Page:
Having watched their main rivals for the Premier League title run in a 6-0 victory at the weekend, Manchester United responded to Chelsea with a win of their own that was every bit as comfortable.
Newly-promoted Newcastle were the visitors to Old Trafford on Monday night but, aside from when Andy Carroll headed just wide from a corner, the Magpies never made a contest out of the game. United had to be patient to earn their opening goal through Dimitar Berbatov, but once in front they put on a masterclass of controlled possession. The six goals scored by Chelsea may look more emphatic on paper, but Sir Alex Ferguson’s team could have easily matched it with a little more willingness to shoot and a bit more precision in front of goal from Berbatov. United provide the middle ground between the ruthlessness of Chelsea and the desire to score the perfect goal that is characteristic of Arsenal, and that little bit of extra finesse and subtlety compared to the Blues might just make the Red Devils more adaptable to different opposition than the reigning champions.
Berbatov could, and probably should, have had a hat-trick but Ferguson will be delighted with the change in demeanour from his forward. Too often in the past, the Bulgarian has appeared to carry the weight of the world on his shoulders, looking disillusioned when missing chances and offering only nonchalant celebrations when finding the back of the net. The team celebration of his Community Shield goal eight days earlier has been attributed to United players publically showing critics of Berbatov that they value his contribution, but the oft-maligned frontman sent out his own message with a joyful knee-slide after breaking the deadlock against Newcastle. There were other more subtle differences to the Berbatov of old, with a little smile offered where a grimace may have once been worn when he poked the ball past Steve Harper and the post with the outside of his boot after a beautiful United move.
Alongside Berbatov, Wayne Rooney got another hour under his belt as he works his way back to match fitness. The England striker may have departed the field having reached a career-high figure for the number of games without scoring for club and country, but there were signs that he is not too far off a return to his peak. His movement was excellent, and he was always looking to get a shot away. It is his touch that is still that little bit off, firing over left-footed from 10 yards after a nod down from Berbatov, then moments later making a hash of being played through by a defence-splitting ball, trying to cut inside Fabricio Coloccini but giving the ball away. His touch will come back with further minutes on the pitch and few would bet on his goalless streak being extended much further.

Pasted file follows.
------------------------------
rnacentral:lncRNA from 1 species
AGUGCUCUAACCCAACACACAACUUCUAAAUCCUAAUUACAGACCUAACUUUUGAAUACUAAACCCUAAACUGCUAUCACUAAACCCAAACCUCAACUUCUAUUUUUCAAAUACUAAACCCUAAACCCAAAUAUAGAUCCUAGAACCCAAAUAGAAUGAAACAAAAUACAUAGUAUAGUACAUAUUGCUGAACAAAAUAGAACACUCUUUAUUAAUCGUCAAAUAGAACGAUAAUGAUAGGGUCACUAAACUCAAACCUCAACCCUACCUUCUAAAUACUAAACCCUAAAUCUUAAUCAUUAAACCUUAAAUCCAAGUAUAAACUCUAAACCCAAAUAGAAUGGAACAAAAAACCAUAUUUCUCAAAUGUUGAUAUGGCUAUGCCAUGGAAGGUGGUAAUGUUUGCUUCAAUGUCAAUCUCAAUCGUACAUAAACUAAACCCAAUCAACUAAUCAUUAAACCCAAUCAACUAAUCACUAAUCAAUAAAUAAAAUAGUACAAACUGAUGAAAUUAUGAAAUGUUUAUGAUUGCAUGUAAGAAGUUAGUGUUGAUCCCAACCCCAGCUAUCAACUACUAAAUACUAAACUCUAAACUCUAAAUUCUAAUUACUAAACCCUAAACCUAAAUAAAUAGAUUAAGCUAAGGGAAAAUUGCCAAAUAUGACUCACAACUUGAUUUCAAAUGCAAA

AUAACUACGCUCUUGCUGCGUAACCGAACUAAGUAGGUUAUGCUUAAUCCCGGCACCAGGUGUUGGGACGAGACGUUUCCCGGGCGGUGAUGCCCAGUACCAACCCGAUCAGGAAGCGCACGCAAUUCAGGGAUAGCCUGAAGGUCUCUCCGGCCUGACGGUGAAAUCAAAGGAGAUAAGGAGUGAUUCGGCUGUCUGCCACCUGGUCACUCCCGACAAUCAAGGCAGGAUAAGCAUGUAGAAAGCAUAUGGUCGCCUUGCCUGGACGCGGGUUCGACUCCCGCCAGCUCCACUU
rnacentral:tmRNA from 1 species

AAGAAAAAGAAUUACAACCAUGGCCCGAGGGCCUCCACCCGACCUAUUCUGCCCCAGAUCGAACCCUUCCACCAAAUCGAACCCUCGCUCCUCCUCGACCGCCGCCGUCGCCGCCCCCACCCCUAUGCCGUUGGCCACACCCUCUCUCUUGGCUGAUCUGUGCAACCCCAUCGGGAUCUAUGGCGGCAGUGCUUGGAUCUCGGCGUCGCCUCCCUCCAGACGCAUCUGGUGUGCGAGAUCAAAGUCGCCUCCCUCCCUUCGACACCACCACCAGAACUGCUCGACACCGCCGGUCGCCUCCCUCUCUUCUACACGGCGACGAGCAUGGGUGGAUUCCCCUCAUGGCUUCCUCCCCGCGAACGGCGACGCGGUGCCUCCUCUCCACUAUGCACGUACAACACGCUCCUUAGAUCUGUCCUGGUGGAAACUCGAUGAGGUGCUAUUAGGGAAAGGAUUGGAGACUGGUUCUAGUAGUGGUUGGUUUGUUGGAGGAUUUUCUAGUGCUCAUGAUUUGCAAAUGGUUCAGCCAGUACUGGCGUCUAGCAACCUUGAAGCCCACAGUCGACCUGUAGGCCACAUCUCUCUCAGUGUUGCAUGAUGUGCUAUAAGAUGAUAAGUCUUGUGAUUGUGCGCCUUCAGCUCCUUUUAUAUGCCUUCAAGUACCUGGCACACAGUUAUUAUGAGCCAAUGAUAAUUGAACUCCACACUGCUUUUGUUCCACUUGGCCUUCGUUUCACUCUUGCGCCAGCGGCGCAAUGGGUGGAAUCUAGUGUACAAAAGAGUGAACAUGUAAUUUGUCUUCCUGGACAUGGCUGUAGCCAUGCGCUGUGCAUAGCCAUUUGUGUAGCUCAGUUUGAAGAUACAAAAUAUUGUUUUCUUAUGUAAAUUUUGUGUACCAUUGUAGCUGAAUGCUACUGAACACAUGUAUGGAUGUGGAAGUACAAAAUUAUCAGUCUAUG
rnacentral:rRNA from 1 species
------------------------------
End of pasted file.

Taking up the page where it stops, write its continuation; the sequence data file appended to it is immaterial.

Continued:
An area that will have particularly pleased Sir Alex will be the application of his two wingers. Aside from always offering an out-ball to United’s midfielders, both Nani and Luis Valencia were constantly pressing the Newcastle full-backs, denying them time on the ball and winning back possession. It was on one such occasion that United took the lead, with Valencia harrying Jonas Gutierrez and stealing the ball which allowed Paul Scholes to tee up Berbatov. Whole columns could be filled about the mastery of Scholes throughout the 90 minutes but the two widemen in red shirts deserve their mention too.
In previous years, United have made a habit of racking up the goals against Newcastle, with resounding scorelines a common sight both at Old Trafford and St James Park. The margin of victory may only read three goals but the overall performance after a World Cup-disrupted preseason preparation was worth every bit as much as if United had notched up five or six. The two main title contenders have both opened with one-sided home matches against sides promoted from the Championship, and once Chelsea had sent out their statement of intent on Saturday, it was important United replied resolutely. On future weekends, it may well be United scoring six and Chelsea three. What mattered for Ferguson’s side is that they showed they can be every bit as dominant as a team as the Blues. Leagues are certainly never won or lost after one match, but with the rest of last season’s top six sharing draws amongst each other, it will have done United no harm at all to follow Chelsea’s lead and open their campaign with a comprehensive victory.